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C 374 E/142 Official Journal of the European Communities EN 28.12.


under Italian law? For years, those companies have penalised citizens from southern Italy, charging higher
insurance premiums in the above areas on the grounds that a large number of accidents occur in that part
of Italy. This attitude leads to unequal treatment amongst Italian citizens, violates Community directives
and makes it impossible for people to comply with the legal requirement that they obtain insurance.

Would the Commission not agree that a directive is required in order to put an end of such unequal
treatment amongst Italian citizens and, at the same time, oblige companies operating in Italy to ensure
southern Italian drivers?

Answer given by Mr Bolkestein on behalf the Commission

(7 April 2000)

The Commission was not aware of the facts mentioned by the Honourable Member. It would point out
that the third non-life insurance directive 92/49/EEC (1) introduced, in the case of motor vehicle insurance,
a single authorisation and prudential and financial control system operated by the Member State in which
the company has its head office. The taking up and pursuit of the business of insurance are subject to the
granting of a single administrative authorisation by the authorities of that Member State. The conditions
and scales of premiums no longer require the prior approval of the supervisory authorities of the home
Member State, whose role is confined to monitoring forecasts of premiums and other financial resources
intended to cover the company’s commitments and solvency margin.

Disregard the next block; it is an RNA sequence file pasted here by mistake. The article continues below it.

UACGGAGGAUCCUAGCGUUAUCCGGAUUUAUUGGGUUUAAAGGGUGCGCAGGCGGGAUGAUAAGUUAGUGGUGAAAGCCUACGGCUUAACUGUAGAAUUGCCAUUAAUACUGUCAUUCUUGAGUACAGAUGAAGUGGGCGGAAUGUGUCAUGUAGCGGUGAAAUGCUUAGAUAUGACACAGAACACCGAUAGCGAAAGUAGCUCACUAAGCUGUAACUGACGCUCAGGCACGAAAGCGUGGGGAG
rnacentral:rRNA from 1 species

Consequently, in the specific case of Italian companies with their head office in Italy, these companies fall
entirely under the financial supervision of the Italian authorities. In other words, the compatibility of
Italian insurance companies’ policies as regards premiums, which are designed to create technical
provisions sufficient to cover their contractual commitments, should be considered in the light of the
provisions of domestic Italian law and is the sole responsibility of the Italian supervisory authority.

Account must also be taken of the fact that companies fix their rates according to, among other things, the
average frequency of accidents. According to their assessment of the risk, they are free to decide to modify
their offer or even to leave certain areas of the national markets to their competitors.

For the rest, it is for the national authorities to provide for the appropriate mechanisms to ensure that
policyholders can comply with their obligation to take out compulsory third-party insurance.

The Commission is consequently unable to intervene in an area which falls within the responsibility of the
competent Italian authorities as regards monitoring and the commercial policy of companies.

(1) OJ L 228, 11.8.1992.

(2000/C 374 E/168) WRITTEN QUESTION E-0724/00
by Joaquim Miranda (GUE/NGL) to the Council

(14 March 2000)

Subject: Support of the peace process in Djibouti

A framework agreement designed to bring peace to Djibouti was signed in Paris on 7 February 2000 by
the country’s government and by the Front for the Restoration of Unity and Democracy (FRUD).

The Council Presidency has since welcomed the suspension of hostilities between government and rebel